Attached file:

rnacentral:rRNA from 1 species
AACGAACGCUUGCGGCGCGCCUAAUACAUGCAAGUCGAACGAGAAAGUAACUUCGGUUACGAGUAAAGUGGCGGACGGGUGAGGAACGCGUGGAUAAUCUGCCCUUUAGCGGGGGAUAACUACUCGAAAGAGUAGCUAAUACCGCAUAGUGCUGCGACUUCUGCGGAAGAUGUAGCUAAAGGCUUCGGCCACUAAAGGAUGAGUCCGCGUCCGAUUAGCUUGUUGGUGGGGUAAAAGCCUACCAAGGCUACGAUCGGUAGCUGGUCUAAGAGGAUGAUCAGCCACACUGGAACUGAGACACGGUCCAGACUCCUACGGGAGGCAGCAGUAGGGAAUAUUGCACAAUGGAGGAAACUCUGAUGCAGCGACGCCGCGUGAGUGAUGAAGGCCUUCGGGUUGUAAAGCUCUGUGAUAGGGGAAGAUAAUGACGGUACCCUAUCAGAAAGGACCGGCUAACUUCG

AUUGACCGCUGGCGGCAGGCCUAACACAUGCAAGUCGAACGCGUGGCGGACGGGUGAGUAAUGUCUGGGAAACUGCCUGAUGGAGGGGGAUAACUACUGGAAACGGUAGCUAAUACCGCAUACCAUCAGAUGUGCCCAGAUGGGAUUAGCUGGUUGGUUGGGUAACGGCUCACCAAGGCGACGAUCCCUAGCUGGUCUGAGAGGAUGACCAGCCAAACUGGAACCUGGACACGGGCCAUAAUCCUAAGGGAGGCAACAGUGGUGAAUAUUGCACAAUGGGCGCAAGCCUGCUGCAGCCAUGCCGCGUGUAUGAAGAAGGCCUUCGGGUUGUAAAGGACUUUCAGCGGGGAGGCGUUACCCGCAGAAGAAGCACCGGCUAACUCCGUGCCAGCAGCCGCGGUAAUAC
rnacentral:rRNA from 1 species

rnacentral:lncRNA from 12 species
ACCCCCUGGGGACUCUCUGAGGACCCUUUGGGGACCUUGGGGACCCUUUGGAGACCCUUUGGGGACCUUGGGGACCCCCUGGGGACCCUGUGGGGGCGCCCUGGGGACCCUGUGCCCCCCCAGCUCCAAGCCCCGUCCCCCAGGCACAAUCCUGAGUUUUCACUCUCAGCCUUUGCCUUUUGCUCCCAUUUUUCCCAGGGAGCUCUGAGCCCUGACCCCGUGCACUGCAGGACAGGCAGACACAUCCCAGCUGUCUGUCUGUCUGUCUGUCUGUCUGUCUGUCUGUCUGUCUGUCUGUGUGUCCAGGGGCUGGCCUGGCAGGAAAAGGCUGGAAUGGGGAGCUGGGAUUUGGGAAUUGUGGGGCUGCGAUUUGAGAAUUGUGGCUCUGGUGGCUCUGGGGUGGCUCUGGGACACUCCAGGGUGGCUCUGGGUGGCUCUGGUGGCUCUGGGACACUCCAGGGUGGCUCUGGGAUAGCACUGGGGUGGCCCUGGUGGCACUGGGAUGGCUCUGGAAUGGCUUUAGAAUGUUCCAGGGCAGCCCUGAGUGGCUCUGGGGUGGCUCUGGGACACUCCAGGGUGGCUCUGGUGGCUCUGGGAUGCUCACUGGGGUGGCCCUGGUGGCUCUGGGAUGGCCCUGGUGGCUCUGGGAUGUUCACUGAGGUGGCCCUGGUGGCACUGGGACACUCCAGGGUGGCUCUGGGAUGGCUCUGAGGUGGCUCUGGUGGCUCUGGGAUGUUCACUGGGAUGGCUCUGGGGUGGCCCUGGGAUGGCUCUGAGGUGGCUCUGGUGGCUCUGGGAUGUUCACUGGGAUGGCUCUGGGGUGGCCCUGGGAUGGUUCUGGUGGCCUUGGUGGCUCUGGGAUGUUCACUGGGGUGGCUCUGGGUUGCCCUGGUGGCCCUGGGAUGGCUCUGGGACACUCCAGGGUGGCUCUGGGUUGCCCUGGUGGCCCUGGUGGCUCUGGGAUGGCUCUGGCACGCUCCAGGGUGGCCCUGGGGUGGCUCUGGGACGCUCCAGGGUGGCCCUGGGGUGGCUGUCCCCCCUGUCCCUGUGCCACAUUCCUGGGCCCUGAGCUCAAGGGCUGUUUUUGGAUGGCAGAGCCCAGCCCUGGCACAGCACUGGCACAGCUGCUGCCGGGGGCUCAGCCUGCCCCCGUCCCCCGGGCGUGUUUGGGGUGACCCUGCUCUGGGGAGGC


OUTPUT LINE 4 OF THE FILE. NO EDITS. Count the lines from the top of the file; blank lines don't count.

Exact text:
rnacentral:rRNA from 1 species